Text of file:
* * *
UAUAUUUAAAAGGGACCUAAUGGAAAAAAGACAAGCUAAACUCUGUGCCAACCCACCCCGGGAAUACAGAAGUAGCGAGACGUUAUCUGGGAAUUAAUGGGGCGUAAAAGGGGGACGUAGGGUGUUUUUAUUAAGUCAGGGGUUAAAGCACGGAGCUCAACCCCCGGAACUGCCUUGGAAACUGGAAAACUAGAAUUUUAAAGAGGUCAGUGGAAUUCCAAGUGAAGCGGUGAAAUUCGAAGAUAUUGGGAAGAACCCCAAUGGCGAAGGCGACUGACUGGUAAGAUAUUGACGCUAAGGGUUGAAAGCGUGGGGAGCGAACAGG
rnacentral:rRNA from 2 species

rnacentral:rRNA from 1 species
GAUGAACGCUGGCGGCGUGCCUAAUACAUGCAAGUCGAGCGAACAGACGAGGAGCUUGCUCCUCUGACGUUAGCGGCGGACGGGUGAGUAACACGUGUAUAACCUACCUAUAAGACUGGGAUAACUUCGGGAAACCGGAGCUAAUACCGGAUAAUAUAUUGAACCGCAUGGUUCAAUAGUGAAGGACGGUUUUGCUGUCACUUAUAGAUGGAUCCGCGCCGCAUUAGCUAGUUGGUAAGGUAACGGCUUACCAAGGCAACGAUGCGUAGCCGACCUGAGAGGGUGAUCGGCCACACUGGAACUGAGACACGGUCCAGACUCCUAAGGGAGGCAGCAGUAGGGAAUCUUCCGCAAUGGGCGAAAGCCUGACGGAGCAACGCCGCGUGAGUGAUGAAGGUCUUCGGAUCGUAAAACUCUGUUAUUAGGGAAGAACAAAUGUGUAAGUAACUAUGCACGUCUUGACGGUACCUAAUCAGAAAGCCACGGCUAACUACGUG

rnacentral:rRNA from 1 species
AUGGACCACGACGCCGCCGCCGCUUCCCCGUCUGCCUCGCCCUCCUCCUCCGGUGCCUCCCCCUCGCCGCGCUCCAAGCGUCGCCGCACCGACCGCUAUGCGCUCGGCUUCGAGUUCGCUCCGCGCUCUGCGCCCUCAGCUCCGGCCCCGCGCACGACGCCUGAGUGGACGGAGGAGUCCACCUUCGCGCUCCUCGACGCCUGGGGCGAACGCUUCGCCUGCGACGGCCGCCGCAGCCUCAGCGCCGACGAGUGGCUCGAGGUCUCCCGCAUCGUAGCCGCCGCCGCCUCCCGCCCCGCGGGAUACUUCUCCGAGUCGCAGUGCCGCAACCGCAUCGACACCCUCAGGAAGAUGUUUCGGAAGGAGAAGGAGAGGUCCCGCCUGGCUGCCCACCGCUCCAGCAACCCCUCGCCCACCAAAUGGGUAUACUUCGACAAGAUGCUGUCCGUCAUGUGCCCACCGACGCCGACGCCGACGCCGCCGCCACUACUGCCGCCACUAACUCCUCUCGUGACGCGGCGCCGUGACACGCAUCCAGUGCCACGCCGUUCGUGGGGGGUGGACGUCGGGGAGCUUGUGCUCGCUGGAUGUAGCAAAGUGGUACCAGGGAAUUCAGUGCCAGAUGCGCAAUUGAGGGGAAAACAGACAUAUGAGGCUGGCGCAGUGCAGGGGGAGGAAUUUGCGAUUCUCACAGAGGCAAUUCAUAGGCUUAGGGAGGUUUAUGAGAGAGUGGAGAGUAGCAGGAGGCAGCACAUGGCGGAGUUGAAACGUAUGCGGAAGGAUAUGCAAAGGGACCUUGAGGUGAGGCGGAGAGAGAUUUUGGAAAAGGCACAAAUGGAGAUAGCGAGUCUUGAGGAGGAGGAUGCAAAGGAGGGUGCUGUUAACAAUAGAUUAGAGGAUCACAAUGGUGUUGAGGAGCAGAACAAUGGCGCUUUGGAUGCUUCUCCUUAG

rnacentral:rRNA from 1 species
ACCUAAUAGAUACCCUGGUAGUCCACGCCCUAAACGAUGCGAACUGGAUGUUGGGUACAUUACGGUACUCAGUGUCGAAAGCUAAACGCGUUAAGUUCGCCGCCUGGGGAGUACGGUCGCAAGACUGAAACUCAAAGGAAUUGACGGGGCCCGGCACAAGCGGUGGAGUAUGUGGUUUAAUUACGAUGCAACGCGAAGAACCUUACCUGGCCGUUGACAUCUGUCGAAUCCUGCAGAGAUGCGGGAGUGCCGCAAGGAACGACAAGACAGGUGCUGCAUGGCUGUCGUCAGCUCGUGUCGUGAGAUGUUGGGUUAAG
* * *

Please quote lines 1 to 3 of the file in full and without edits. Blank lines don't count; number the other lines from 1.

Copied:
UAUAUUUAAAAGGGACCUAAUGGAAAAAAGACAAGCUAAACUCUGUGCCAACCCACCCCGGGAAUACAGAAGUAGCGAGACGUUAUCUGGGAAUUAAUGGGGCGUAAAAGGGGGACGUAGGGUGUUUUUAUUAAGUCAGGGGUUAAAGCACGGAGCUCAACCCCCGGAACUGCCUUGGAAACUGGAAAACUAGAAUUUUAAAGAGGUCAGUGGAAUUCCAAGUGAAGCGGUGAAAUUCGAAGAUAUUGGGAAGAACCCCAAUGGCGAAGGCGACUGACUGGUAAGAUAUUGACGCUAAGGGUUGAAAGCGUGGGGAGCGAACAGG
rnacentral:rRNA from 2 species

rnacentral:rRNA from 1 species